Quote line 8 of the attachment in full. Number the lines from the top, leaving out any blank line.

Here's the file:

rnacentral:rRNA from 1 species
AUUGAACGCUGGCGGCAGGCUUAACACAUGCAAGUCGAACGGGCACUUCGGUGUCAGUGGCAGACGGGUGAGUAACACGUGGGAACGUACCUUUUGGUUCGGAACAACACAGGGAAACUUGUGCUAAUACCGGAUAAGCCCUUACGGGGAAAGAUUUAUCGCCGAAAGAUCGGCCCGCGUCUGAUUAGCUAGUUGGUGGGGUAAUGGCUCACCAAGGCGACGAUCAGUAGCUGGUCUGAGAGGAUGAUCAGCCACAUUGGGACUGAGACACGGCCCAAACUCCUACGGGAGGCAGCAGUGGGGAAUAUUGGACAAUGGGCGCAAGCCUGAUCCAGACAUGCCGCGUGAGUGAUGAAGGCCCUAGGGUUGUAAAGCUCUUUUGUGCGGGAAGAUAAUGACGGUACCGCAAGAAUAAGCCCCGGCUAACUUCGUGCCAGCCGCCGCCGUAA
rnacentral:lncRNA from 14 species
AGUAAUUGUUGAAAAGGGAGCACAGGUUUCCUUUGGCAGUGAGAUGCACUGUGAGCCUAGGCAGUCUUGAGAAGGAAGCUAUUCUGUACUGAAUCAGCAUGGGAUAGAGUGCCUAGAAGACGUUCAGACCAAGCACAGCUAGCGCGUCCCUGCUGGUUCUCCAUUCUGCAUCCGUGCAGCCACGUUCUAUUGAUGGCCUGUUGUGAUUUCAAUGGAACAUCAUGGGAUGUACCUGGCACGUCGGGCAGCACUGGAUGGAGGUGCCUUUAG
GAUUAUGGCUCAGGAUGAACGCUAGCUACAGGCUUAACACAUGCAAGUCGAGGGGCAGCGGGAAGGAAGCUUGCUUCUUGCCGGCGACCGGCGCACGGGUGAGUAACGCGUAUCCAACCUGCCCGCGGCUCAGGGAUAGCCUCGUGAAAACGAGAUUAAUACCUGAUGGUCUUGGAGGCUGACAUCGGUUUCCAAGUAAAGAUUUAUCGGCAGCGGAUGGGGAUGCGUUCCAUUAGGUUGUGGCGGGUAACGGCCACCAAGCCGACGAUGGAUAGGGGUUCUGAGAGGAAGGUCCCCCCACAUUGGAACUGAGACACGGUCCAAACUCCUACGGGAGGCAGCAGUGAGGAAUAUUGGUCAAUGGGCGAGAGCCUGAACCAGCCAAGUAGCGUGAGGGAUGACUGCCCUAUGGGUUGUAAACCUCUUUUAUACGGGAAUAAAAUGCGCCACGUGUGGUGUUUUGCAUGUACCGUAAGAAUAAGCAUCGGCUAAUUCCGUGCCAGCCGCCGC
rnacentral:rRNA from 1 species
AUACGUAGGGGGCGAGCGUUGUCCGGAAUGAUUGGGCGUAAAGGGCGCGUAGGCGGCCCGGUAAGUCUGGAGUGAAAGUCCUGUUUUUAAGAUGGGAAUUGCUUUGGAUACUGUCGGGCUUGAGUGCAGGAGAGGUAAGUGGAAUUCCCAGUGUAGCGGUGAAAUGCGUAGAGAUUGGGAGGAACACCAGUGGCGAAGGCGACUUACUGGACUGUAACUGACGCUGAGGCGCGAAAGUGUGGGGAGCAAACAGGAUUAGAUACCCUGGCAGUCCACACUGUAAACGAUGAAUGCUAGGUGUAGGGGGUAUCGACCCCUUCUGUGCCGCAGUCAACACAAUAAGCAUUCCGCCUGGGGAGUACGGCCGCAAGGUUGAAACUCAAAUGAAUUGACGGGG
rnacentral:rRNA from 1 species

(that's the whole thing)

rnacentral:rRNA from 1 species